'Sae I says tae him, where's the sense in fallin oot ower a puckle bawbees? Ye want tae mak a profit oot o Leith - I'll spare ye the bother o administerin the levies, suppressin corruption amang yer officials and the like. I'll buy the citadel back frae ye for Edinburgh. ... '
 Hdg. 1902 J. Lumsden Toorle, etc. 182:
He lacks the "friend-in-need," a wee - My fugitive, - that indispensable Bawbee! (Bawbee, cash capital. A.)
wm.Sc. 1987 Anna Blair Scottish Tales (1990) 9:
It had started on a stall down the Grassmarket with selections of ornaments, pewter dishes, tea and snuff-boxes. But he had had a good eye and the wives of scholars and ministers with taste but not too many bawbees had found that they could beautify their sparse homes modestly and with refined restraint.
Arg.1 1929:
He's gey keen on the bawbees.
Gsw. 1879 A. G. Murdoch Rhymes and Lyrics 97:
My second man . . . Had twa-three bawbees in the bank.
Ayr. 1887 J. Service Dr Duguid xiv.:
My grandfather . . . had toiled late and air . . . to gather the needfu' bawbees for my learning.

(3) A dowry.Sc. 1803 [A. Boswell] Songs 8:
And here they cam, awa to steal Jenny's bawbee.
Edb. 1922 P. Macgillivray Bog Myrtle and Peat Reek 60:
I'm young and hae favour o' fortune In gear and a bonny bawbee.

(4) A local name for the John Dory, Zeus faber (Fif. 1960, poss. from the round spot on its side about the size of a halfpenny, traditionally associated with the coin taken from a fish by St Peter (Matthew xvii. 27).

Phrases: (1) At a bawbee, at any value; (2) de'il's bawbee, fairy money; (3) to ken the richt side o a bawbee, to be sharp and shrewd in money matters (Bnff., Abd., Ags., Edb., Ayr. 2000s); (4) plack and bawbee, every penny.(1) Slk. a.1835 J. Hogg Tales, etc. (1837) VI. 339:
I hae been ower lang a soldier to set my life at a bawbee.
(2) Lth. 1819 J. Thomson Poems 147:
Nae mair ye'll get a de'il's bawbee Into your purse, To twin a slate-stane in a wee, Or may be warse.
(3)Abd. 1993:
Naebodie'll cheat him; he kens the richt side o a bawbee.
Edb. 2003:
Aye, yer mither aye kent the richt side o a bawbee.
(4) Sc. 1816 Scott Black Dwarf i.:
My father paid . . . threescore punds, and it stands me in three hundred, plack and bawbee.
m.Sc. 1892 A. Rodger Poems and Songs (1897) 37:
When due, ye maun pay me down plack an' bawbee.

2. adj. Valued at or costing a halfpenny, hence cheap.Sc. 1824 Scott St Ronan's W. xv.:
I fand a bundle of their bawbee blasphemies in my ain kitchen.
Hdg. 1908 J. Lumsden Doun i' th' Loudons, etc. Act III. Sc. 3:
A laddie bairn . . . Slank in afore him, axin wad he buy A bawbee box o' matches for his lunt?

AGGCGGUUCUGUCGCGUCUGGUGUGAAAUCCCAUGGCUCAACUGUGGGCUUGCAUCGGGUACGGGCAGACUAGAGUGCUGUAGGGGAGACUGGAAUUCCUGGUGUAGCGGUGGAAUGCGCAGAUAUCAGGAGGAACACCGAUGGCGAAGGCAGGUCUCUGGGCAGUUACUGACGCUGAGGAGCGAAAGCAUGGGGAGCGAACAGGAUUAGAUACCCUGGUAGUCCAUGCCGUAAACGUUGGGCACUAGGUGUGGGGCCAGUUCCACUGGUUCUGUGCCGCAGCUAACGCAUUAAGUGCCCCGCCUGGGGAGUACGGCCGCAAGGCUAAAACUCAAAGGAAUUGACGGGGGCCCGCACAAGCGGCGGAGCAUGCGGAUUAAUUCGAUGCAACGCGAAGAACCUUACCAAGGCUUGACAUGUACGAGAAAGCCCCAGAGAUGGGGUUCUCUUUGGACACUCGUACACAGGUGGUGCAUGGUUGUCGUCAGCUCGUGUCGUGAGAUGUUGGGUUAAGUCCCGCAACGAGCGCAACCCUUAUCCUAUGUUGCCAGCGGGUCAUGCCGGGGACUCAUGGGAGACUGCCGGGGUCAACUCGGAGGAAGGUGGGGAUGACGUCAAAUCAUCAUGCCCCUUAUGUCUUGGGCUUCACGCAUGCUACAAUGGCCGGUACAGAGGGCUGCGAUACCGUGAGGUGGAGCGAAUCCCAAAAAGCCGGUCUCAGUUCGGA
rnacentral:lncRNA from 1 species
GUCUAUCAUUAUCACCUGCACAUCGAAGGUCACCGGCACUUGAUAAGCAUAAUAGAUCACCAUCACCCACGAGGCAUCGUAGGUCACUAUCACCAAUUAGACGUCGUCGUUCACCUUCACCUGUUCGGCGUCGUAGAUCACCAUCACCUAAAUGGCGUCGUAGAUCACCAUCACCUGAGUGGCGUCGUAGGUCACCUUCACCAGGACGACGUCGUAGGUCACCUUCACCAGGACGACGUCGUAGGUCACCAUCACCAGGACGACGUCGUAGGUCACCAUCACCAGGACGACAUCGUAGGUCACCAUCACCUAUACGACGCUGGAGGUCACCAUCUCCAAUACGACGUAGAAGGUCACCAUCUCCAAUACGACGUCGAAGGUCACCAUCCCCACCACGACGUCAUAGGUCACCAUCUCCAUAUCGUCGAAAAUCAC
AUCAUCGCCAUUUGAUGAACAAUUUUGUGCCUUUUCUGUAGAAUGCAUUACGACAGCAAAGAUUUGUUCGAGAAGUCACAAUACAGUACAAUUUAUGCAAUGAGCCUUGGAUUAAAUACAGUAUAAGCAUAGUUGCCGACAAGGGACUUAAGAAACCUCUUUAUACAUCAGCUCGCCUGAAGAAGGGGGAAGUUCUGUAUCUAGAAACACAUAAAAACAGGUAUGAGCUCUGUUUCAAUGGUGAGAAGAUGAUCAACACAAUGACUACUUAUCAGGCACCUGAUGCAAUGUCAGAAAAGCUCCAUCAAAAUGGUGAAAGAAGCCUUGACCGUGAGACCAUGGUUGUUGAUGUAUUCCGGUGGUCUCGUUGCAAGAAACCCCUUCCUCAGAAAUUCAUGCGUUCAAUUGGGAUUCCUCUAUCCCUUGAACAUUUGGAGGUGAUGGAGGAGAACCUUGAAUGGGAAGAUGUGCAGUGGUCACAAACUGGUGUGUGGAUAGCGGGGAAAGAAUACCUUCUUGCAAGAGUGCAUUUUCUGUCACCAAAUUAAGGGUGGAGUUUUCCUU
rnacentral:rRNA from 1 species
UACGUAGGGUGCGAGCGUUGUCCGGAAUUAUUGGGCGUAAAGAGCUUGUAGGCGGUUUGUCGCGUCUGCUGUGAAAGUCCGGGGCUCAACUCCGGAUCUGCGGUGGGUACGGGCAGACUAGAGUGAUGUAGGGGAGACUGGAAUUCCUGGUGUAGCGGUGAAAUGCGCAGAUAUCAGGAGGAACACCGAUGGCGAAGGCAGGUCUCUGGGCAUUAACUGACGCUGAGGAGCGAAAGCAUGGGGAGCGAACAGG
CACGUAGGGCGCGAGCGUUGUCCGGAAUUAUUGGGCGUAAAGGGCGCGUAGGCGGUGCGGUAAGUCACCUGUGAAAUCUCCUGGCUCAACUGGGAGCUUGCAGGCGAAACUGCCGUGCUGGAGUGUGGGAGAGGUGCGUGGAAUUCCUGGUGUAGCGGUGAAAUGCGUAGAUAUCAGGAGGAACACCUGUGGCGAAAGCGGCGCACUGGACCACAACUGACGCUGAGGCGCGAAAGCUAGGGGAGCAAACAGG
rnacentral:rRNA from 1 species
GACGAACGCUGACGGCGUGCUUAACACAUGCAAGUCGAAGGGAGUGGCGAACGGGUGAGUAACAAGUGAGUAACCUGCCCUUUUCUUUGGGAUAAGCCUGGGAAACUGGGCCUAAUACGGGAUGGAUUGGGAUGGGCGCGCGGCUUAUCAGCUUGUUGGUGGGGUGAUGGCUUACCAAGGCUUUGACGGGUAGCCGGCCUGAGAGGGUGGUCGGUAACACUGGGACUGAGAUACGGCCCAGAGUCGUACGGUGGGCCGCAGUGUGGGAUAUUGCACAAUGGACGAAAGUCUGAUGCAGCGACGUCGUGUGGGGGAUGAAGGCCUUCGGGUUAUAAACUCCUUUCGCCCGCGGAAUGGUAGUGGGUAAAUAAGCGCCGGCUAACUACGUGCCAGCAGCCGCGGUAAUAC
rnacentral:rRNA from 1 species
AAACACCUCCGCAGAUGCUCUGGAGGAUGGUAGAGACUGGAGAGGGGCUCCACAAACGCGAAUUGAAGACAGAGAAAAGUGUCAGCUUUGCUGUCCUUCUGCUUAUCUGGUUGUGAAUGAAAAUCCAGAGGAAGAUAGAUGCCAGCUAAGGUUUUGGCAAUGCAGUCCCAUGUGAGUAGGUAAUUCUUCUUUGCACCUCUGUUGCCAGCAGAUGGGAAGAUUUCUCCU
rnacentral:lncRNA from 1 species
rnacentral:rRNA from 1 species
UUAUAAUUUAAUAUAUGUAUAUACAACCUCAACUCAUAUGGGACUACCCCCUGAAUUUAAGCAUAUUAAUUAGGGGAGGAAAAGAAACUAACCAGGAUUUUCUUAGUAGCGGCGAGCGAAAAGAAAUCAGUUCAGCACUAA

Combs.: (1) Baw-Bee Bible, the Shorter Catechism; (2) bawbee elder, see quot.; (3) bawbee jo(e), baubee —, a street-walker.(1) Sc. 1849 D. Young Memorial of Rev. James Fisher 66:
The Shorter Catechism, — a book, the diminutive size and distinguished worth of which were strikingly expressed in the title by which it was long known in Scotland — “The Baw-Bee Bible.”
(2)Edb. 1867 W. Brown Notes and Recollections of the Tolbooth Church 49:
In Edinburgh, an elder was supposed to have no duties except standing at the plates. Such men were often called by the common people, Bawbee elders.
(3) Sc. 1893 R. L. Stevenson Catriona i.:
Eh, but ye're a green callant! . . . Cleikin' up wi' baubee joes! [Cf. “penny joes on causey stanes” in R. L. Stevenson Underwoods, Late in the Nicht.]
m.Sc. 1927 J. Buchan Witch Wood xiii.:
What's the steer for a bawbee jo?

[O.Sc. bawbé, balbé, babé; bawbee, balbie, babee, babbe. Prob. a shortened form of Sillebawbe, the territorial designation of Alexander Orrok, appointed master of the mint in Scotland 1538. In Scotland a farmer or laird is commonly addressed by the name of his farm or estate, generally shortened when possible — e.g. Muiry for Muiryfaulds or Cannie for Murdo-cannie. For the extension of the name of the mintmaster to his coinage cf. Atcheson, the name of a coin in the time of James VI. In modern times cf. Bradbury = £1 note, from the signature of one of the officials, which it bore.]

You may wish to vary the format shown below depending on the citation style used.

"Bawbee n., adj.". Dictionary of the Scots Language. 2004. Scottish Language Dictionaries Ltd. Accessed 25 Sep 2022 <http://www.dsl.ac.uk/entry/snd/bawbee>

2105

snd

Hide Advanced Search

Browse SND:

    Loading...

Share: